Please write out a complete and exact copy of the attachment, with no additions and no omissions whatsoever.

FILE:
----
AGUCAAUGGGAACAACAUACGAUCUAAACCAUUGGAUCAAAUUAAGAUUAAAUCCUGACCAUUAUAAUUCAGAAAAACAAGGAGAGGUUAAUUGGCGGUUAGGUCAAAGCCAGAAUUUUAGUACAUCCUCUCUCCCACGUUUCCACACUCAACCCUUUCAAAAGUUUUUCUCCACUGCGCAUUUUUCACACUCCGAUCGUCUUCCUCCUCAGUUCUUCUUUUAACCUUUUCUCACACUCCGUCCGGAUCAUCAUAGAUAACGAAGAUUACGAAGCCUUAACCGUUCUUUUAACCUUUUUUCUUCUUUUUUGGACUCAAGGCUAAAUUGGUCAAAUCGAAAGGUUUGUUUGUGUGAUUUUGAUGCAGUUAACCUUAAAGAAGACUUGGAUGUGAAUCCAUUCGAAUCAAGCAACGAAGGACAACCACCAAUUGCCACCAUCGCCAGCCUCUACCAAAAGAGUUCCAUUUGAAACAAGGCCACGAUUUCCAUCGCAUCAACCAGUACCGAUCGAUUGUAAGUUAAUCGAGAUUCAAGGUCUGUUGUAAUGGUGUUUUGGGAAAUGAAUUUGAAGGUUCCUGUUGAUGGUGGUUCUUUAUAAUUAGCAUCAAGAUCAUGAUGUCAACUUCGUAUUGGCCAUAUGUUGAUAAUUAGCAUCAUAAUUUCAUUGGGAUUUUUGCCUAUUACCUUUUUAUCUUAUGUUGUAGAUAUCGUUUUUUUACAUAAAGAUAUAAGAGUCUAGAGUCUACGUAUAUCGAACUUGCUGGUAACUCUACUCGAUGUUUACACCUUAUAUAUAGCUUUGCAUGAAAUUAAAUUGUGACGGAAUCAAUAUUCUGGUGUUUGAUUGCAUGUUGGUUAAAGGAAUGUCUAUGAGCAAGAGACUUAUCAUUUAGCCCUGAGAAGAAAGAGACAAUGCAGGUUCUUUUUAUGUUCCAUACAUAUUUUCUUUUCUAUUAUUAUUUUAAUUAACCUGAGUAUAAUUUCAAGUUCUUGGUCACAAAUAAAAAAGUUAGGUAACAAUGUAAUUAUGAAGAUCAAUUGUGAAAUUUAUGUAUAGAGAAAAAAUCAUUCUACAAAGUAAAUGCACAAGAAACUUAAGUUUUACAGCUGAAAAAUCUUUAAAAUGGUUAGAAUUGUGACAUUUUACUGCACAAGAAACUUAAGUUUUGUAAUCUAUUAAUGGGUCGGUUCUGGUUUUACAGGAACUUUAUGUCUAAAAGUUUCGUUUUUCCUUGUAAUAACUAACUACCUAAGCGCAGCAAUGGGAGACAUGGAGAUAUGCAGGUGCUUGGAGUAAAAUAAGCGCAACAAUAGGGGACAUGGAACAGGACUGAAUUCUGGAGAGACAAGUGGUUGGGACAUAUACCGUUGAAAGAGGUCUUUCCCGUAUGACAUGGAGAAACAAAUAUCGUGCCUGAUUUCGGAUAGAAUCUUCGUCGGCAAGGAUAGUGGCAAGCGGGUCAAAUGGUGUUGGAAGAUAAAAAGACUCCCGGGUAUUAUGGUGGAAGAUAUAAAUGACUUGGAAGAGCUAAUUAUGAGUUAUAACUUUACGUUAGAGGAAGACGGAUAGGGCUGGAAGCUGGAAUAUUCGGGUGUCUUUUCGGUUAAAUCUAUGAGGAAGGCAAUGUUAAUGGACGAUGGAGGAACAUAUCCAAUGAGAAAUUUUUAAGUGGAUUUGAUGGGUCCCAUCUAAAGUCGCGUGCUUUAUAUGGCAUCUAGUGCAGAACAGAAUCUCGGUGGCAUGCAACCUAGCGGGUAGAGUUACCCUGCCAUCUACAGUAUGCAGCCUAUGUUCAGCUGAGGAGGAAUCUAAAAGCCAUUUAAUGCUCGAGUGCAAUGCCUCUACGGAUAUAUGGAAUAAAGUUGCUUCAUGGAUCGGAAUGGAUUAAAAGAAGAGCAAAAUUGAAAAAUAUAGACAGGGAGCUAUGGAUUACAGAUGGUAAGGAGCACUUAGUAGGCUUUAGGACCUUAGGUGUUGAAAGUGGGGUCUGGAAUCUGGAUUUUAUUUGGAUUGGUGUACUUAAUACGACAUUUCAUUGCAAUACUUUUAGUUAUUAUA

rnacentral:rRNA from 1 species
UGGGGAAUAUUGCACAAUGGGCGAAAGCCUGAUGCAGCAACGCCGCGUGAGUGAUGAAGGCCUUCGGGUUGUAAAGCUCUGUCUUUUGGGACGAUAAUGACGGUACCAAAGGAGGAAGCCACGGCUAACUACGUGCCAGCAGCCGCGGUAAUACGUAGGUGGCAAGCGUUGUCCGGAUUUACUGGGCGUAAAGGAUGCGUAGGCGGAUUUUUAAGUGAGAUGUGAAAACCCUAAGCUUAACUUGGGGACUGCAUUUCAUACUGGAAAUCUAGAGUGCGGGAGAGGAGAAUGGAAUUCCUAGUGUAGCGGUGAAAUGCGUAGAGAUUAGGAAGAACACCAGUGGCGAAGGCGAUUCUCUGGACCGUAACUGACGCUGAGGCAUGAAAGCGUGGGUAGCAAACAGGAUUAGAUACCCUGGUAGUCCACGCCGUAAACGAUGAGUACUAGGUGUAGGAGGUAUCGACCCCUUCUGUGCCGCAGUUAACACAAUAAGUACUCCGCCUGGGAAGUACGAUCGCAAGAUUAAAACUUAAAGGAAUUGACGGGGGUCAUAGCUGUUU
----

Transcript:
AGUCAAUGGGAACAACAUACGAUCUAAACCAUUGGAUCAAAUUAAGAUUAAAUCCUGACCAUUAUAAUUCAGAAAAACAAGGAGAGGUUAAUUGGCGGUUAGGUCAAAGCCAGAAUUUUAGUACAUCCUCUCUCCCACGUUUCCACACUCAACCCUUUCAAAAGUUUUUCUCCACUGCGCAUUUUUCACACUCCGAUCGUCUUCCUCCUCAGUUCUUCUUUUAACCUUUUCUCACACUCCGUCCGGAUCAUCAUAGAUAACGAAGAUUACGAAGCCUUAACCGUUCUUUUAACCUUUUUUCUUCUUUUUUGGACUCAAGGCUAAAUUGGUCAAAUCGAAAGGUUUGUUUGUGUGAUUUUGAUGCAGUUAACCUUAAAGAAGACUUGGAUGUGAAUCCAUUCGAAUCAAGCAACGAAGGACAACCACCAAUUGCCACCAUCGCCAGCCUCUACCAAAAGAGUUCCAUUUGAAACAAGGCCACGAUUUCCAUCGCAUCAACCAGUACCGAUCGAUUGUAAGUUAAUCGAGAUUCAAGGUCUGUUGUAAUGGUGUUUUGGGAAAUGAAUUUGAAGGUUCCUGUUGAUGGUGGUUCUUUAUAAUUAGCAUCAAGAUCAUGAUGUCAACUUCGUAUUGGCCAUAUGUUGAUAAUUAGCAUCAUAAUUUCAUUGGGAUUUUUGCCUAUUACCUUUUUAUCUUAUGUUGUAGAUAUCGUUUUUUUACAUAAAGAUAUAAGAGUCUAGAGUCUACGUAUAUCGAACUUGCUGGUAACUCUACUCGAUGUUUACACCUUAUAUAUAGCUUUGCAUGAAAUUAAAUUGUGACGGAAUCAAUAUUCUGGUGUUUGAUUGCAUGUUGGUUAAAGGAAUGUCUAUGAGCAAGAGACUUAUCAUUUAGCCCUGAGAAGAAAGAGACAAUGCAGGUUCUUUUUAUGUUCCAUACAUAUUUUCUUUUCUAUUAUUAUUUUAAUUAACCUGAGUAUAAUUUCAAGUUCUUGGUCACAAAUAAAAAAGUUAGGUAACAAUGUAAUUAUGAAGAUCAAUUGUGAAAUUUAUGUAUAGAGAAAAAAUCAUUCUACAAAGUAAAUGCACAAGAAACUUAAGUUUUACAGCUGAAAAAUCUUUAAAAUGGUUAGAAUUGUGACAUUUUACUGCACAAGAAACUUAAGUUUUGUAAUCUAUUAAUGGGUCGGUUCUGGUUUUACAGGAACUUUAUGUCUAAAAGUUUCGUUUUUCCUUGUAAUAACUAACUACCUAAGCGCAGCAAUGGGAGACAUGGAGAUAUGCAGGUGCUUGGAGUAAAAUAAGCGCAACAAUAGGGGACAUGGAACAGGACUGAAUUCUGGAGAGACAAGUGGUUGGGACAUAUACCGUUGAAAGAGGUCUUUCCCGUAUGACAUGGAGAAACAAAUAUCGUGCCUGAUUUCGGAUAGAAUCUUCGUCGGCAAGGAUAGUGGCAAGCGGGUCAAAUGGUGUUGGAAGAUAAAAAGACUCCCGGGUAUUAUGGUGGAAGAUAUAAAUGACUUGGAAGAGCUAAUUAUGAGUUAUAACUUUACGUUAGAGGAAGACGGAUAGGGCUGGAAGCUGGAAUAUUCGGGUGUCUUUUCGGUUAAAUCUAUGAGGAAGGCAAUGUUAAUGGACGAUGGAGGAACAUAUCCAAUGAGAAAUUUUUAAGUGGAUUUGAUGGGUCCCAUCUAAAGUCGCGUGCUUUAUAUGGCAUCUAGUGCAGAACAGAAUCUCGGUGGCAUGCAACCUAGCGGGUAGAGUUACCCUGCCAUCUACAGUAUGCAGCCUAUGUUCAGCUGAGGAGGAAUCUAAAAGCCAUUUAAUGCUCGAGUGCAAUGCCUCUACGGAUAUAUGGAAUAAAGUUGCUUCAUGGAUCGGAAUGGAUUAAAAGAAGAGCAAAAUUGAAAAAUAUAGACAGGGAGCUAUGGAUUACAGAUGGUAAGGAGCACUUAGUAGGCUUUAGGACCUUAGGUGUUGAAAGUGGGGUCUGGAAUCUGGAUUUUAUUUGGAUUGGUGUACUUAAUACGACAUUUCAUUGCAAUACUUUUAGUUAUUAUA

rnacentral:rRNA from 1 species
UGGGGAAUAUUGCACAAUGGGCGAAAGCCUGAUGCAGCAACGCCGCGUGAGUGAUGAAGGCCUUCGGGUUGUAAAGCUCUGUCUUUUGGGACGAUAAUGACGGUACCAAAGGAGGAAGCCACGGCUAACUACGUGCCAGCAGCCGCGGUAAUACGUAGGUGGCAAGCGUUGUCCGGAUUUACUGGGCGUAAAGGAUGCGUAGGCGGAUUUUUAAGUGAGAUGUGAAAACCCUAAGCUUAACUUGGGGACUGCAUUUCAUACUGGAAAUCUAGAGUGCGGGAGAGGAGAAUGGAAUUCCUAGUGUAGCGGUGAAAUGCGUAGAGAUUAGGAAGAACACCAGUGGCGAAGGCGAUUCUCUGGACCGUAACUGACGCUGAGGCAUGAAAGCGUGGGUAGCAAACAGGAUUAGAUACCCUGGUAGUCCACGCCGUAAACGAUGAGUACUAGGUGUAGGAGGUAUCGACCCCUUCUGUGCCGCAGUUAACACAAUAAGUACUCCGCCUGGGAAGUACGAUCGCAAGAUUAAAACUUAAAGGAAUUGACGGGGGUCAUAGCUGUUU